Just this past week at Microsoft’s financial analyst meeting, CEO Steve Ballmer announced plans to roll out a new service called Xbox TV during this holiday season. The service will be available on the Xbox 360 and will allow users to watch select streaming TV shows.
As reported by CNN, Ballmer did not provide a list of the content providers which is the most crucial detail during the meeting. Google and Apple have ventured down this path but faced resistance from content providers such as Disney, CBS, and Comcast.
According to David Wertheimer, executive director of the Entertainment Technology Center at the University of Southern California, Microsoft may go the route of using a “TV Everywhere” model, where users can watch shows they already pay for.
This means that if a user pays for ESPN, then they will be able to stream that show through their Xbox 360. Incidentally, this is what Microsoft is doing with ESPN already.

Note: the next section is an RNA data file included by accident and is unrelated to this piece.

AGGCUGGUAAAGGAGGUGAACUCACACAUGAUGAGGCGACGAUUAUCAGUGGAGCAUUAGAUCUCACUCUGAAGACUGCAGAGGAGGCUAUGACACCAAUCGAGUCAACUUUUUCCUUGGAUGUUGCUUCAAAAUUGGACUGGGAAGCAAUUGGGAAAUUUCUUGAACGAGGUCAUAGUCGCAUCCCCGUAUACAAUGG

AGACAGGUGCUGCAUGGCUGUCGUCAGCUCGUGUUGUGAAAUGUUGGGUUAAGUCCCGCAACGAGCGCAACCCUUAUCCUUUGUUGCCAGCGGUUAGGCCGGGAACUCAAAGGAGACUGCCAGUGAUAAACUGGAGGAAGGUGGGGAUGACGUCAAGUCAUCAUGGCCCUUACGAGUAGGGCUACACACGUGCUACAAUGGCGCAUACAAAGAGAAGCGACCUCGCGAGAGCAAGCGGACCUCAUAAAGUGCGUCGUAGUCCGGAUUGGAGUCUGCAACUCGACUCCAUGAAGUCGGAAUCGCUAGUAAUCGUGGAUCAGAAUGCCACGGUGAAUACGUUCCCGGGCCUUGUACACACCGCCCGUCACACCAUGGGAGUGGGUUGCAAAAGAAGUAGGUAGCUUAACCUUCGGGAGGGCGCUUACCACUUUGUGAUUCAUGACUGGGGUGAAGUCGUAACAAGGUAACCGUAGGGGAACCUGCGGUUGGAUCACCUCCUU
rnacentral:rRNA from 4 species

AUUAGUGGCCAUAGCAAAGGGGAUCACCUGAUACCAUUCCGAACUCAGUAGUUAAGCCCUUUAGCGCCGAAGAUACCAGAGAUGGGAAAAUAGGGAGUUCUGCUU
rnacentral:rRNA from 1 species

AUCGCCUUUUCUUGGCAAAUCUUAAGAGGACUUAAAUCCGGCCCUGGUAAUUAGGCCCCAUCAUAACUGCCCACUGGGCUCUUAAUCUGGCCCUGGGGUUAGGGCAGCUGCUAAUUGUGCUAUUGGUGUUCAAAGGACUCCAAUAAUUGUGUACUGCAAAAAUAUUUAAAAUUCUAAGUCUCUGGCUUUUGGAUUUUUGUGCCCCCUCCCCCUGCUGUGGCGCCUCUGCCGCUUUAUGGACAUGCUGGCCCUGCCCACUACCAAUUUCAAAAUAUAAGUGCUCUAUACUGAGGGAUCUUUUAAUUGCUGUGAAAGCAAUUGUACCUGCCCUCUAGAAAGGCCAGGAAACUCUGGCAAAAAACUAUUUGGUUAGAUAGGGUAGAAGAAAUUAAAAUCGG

However, many question this model as why would customers want to watch the same content they may get over Verizon FIOS or Comcast Xfinity through their Xbox 360. Ballmer’s big selling point for the service seems to revolve around Bing voice search through Kinect.
Interestingly enough, it was rumored that Microsoft was set to announce this TV service at E3 this year but was scrapped for some unknown reason.
While the idea is interesting, the challenge will be in securing the content to make the service compelling, pricing and availability. In most cases streamed TV shows come out several days after broadcasting on live television.
According to Gartner analyst, Van Baker stated, “Search is not discovery. Search as an answer to discovery implies you know what you’re looking for. Most people have no idea what they’re looking for."
Baker indicated that discovery is what makes Netflix such a huge success as its complex recommendation system allows users to discover programs they may have never known about.
The service seems to still have some bugs, as an on stage demo of Xbox TV via voice command failed to work properly.
Ballmer joked, "It’s a good thing that’s shipping for Christmas."